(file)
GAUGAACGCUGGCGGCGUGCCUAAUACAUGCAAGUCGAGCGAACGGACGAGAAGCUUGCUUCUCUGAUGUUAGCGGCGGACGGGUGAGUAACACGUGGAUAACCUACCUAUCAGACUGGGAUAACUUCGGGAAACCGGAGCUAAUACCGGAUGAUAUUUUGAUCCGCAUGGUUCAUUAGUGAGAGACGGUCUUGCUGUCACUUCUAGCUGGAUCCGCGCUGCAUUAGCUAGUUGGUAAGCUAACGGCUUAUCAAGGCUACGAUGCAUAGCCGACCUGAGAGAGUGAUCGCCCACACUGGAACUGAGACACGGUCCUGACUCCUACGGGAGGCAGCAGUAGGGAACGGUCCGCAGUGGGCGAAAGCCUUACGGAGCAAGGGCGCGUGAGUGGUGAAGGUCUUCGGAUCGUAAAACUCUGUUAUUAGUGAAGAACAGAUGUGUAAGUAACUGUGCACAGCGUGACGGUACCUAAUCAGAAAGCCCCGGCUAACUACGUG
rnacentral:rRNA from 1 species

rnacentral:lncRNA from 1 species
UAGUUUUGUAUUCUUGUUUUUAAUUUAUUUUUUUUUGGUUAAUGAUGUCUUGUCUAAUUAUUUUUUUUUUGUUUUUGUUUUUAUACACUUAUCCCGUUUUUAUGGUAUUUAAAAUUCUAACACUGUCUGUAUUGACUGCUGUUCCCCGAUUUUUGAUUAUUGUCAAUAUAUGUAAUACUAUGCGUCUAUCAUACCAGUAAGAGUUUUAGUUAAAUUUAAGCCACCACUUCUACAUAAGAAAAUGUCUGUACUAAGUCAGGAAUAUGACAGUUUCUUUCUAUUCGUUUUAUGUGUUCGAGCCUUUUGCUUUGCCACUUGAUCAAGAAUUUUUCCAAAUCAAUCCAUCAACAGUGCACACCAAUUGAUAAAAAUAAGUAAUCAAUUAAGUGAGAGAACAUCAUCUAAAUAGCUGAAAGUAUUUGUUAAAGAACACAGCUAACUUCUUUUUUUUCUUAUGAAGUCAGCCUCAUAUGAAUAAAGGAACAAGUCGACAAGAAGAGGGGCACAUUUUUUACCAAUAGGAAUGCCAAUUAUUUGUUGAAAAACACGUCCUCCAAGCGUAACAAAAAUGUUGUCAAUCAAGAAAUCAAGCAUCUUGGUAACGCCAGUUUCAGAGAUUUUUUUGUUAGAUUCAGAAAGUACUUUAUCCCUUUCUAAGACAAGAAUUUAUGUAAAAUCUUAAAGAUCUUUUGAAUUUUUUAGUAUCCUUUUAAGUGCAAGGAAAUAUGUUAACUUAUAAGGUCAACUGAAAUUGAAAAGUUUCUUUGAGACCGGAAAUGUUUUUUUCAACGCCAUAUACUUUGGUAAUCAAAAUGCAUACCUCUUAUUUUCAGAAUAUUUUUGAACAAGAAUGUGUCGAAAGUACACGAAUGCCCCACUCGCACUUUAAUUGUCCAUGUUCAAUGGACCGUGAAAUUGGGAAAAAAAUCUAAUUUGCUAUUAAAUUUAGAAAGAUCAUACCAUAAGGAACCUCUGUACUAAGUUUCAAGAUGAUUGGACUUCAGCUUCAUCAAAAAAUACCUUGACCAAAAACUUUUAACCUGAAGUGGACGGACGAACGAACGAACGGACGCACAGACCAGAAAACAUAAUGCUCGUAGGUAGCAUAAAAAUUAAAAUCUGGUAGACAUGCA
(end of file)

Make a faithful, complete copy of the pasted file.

GAUGAACGCUGGCGGCGUGCCUAAUACAUGCAAGUCGAGCGAACGGACGAGAAGCUUGCUUCUCUGAUGUUAGCGGCGGACGGGUGAGUAACACGUGGAUAACCUACCUAUCAGACUGGGAUAACUUCGGGAAACCGGAGCUAAUACCGGAUGAUAUUUUGAUCCGCAUGGUUCAUUAGUGAGAGACGGUCUUGCUGUCACUUCUAGCUGGAUCCGCGCUGCAUUAGCUAGUUGGUAAGCUAACGGCUUAUCAAGGCUACGAUGCAUAGCCGACCUGAGAGAGUGAUCGCCCACACUGGAACUGAGACACGGUCCUGACUCCUACGGGAGGCAGCAGUAGGGAACGGUCCGCAGUGGGCGAAAGCCUUACGGAGCAAGGGCGCGUGAGUGGUGAAGGUCUUCGGAUCGUAAAACUCUGUUAUUAGUGAAGAACAGAUGUGUAAGUAACUGUGCACAGCGUGACGGUACCUAAUCAGAAAGCCCCGGCUAACUACGUG
rnacentral:rRNA from 1 species

rnacentral:lncRNA from 1 species
UAGUUUUGUAUUCUUGUUUUUAAUUUAUUUUUUUUUGGUUAAUGAUGUCUUGUCUAAUUAUUUUUUUUUUGUUUUUGUUUUUAUACACUUAUCCCGUUUUUAUGGUAUUUAAAAUUCUAACACUGUCUGUAUUGACUGCUGUUCCCCGAUUUUUGAUUAUUGUCAAUAUAUGUAAUACUAUGCGUCUAUCAUACCAGUAAGAGUUUUAGUUAAAUUUAAGCCACCACUUCUACAUAAGAAAAUGUCUGUACUAAGUCAGGAAUAUGACAGUUUCUUUCUAUUCGUUUUAUGUGUUCGAGCCUUUUGCUUUGCCACUUGAUCAAGAAUUUUUCCAAAUCAAUCCAUCAACAGUGCACACCAAUUGAUAAAAAUAAGUAAUCAAUUAAGUGAGAGAACAUCAUCUAAAUAGCUGAAAGUAUUUGUUAAAGAACACAGCUAACUUCUUUUUUUUCUUAUGAAGUCAGCCUCAUAUGAAUAAAGGAACAAGUCGACAAGAAGAGGGGCACAUUUUUUACCAAUAGGAAUGCCAAUUAUUUGUUGAAAAACACGUCCUCCAAGCGUAACAAAAAUGUUGUCAAUCAAGAAAUCAAGCAUCUUGGUAACGCCAGUUUCAGAGAUUUUUUUGUUAGAUUCAGAAAGUACUUUAUCCCUUUCUAAGACAAGAAUUUAUGUAAAAUCUUAAAGAUCUUUUGAAUUUUUUAGUAUCCUUUUAAGUGCAAGGAAAUAUGUUAACUUAUAAGGUCAACUGAAAUUGAAAAGUUUCUUUGAGACCGGAAAUGUUUUUUUCAACGCCAUAUACUUUGGUAAUCAAAAUGCAUACCUCUUAUUUUCAGAAUAUUUUUGAACAAGAAUGUGUCGAAAGUACACGAAUGCCCCACUCGCACUUUAAUUGUCCAUGUUCAAUGGACCGUGAAAUUGGGAAAAAAAUCUAAUUUGCUAUUAAAUUUAGAAAGAUCAUACCAUAAGGAACCUCUGUACUAAGUUUCAAGAUGAUUGGACUUCAGCUUCAUCAAAAAAUACCUUGACCAAAAACUUUUAACCUGAAGUGGACGGACGAACGAACGAACGGACGCACAGACCAGAAAACAUAAUGCUCGUAGGUAGCAUAAAAAUUAAAAUCUGGUAGACAUGCA